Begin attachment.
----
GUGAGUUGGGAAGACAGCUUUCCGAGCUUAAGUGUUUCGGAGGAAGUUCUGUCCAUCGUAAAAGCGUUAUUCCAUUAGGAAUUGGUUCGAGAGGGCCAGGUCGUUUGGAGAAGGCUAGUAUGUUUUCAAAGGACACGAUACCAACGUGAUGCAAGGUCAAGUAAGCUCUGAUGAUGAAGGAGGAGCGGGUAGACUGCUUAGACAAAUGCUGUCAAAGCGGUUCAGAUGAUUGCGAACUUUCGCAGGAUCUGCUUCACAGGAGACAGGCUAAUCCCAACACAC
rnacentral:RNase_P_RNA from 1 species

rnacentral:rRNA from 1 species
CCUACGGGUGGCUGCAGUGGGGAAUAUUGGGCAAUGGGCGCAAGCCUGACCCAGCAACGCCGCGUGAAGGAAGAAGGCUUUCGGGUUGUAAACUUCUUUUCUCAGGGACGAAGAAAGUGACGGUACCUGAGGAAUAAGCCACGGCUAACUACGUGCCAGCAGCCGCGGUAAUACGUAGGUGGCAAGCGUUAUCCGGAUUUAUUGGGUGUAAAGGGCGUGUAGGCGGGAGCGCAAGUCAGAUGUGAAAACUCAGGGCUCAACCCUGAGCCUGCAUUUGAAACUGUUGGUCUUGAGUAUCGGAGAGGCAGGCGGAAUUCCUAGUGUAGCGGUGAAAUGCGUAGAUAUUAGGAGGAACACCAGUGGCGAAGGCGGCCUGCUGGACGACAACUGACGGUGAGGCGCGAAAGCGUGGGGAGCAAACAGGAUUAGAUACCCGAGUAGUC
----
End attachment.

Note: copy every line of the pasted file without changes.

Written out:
GUGAGUUGGGAAGACAGCUUUCCGAGCUUAAGUGUUUCGGAGGAAGUUCUGUCCAUCGUAAAAGCGUUAUUCCAUUAGGAAUUGGUUCGAGAGGGCCAGGUCGUUUGGAGAAGGCUAGUAUGUUUUCAAAGGACACGAUACCAACGUGAUGCAAGGUCAAGUAAGCUCUGAUGAUGAAGGAGGAGCGGGUAGACUGCUUAGACAAAUGCUGUCAAAGCGGUUCAGAUGAUUGCGAACUUUCGCAGGAUCUGCUUCACAGGAGACAGGCUAAUCCCAACACAC
rnacentral:RNase_P_RNA from 1 species

rnacentral:rRNA from 1 species
CCUACGGGUGGCUGCAGUGGGGAAUAUUGGGCAAUGGGCGCAAGCCUGACCCAGCAACGCCGCGUGAAGGAAGAAGGCUUUCGGGUUGUAAACUUCUUUUCUCAGGGACGAAGAAAGUGACGGUACCUGAGGAAUAAGCCACGGCUAACUACGUGCCAGCAGCCGCGGUAAUACGUAGGUGGCAAGCGUUAUCCGGAUUUAUUGGGUGUAAAGGGCGUGUAGGCGGGAGCGCAAGUCAGAUGUGAAAACUCAGGGCUCAACCCUGAGCCUGCAUUUGAAACUGUUGGUCUUGAGUAUCGGAGAGGCAGGCGGAAUUCCUAGUGUAGCGGUGAAAUGCGUAGAUAUUAGGAGGAACACCAGUGGCGAAGGCGGCCUGCUGGACGACAACUGACGGUGAGGCGCGAAAGCGUGGGGAGCAAACAGGAUUAGAUACCCGAGUAGUC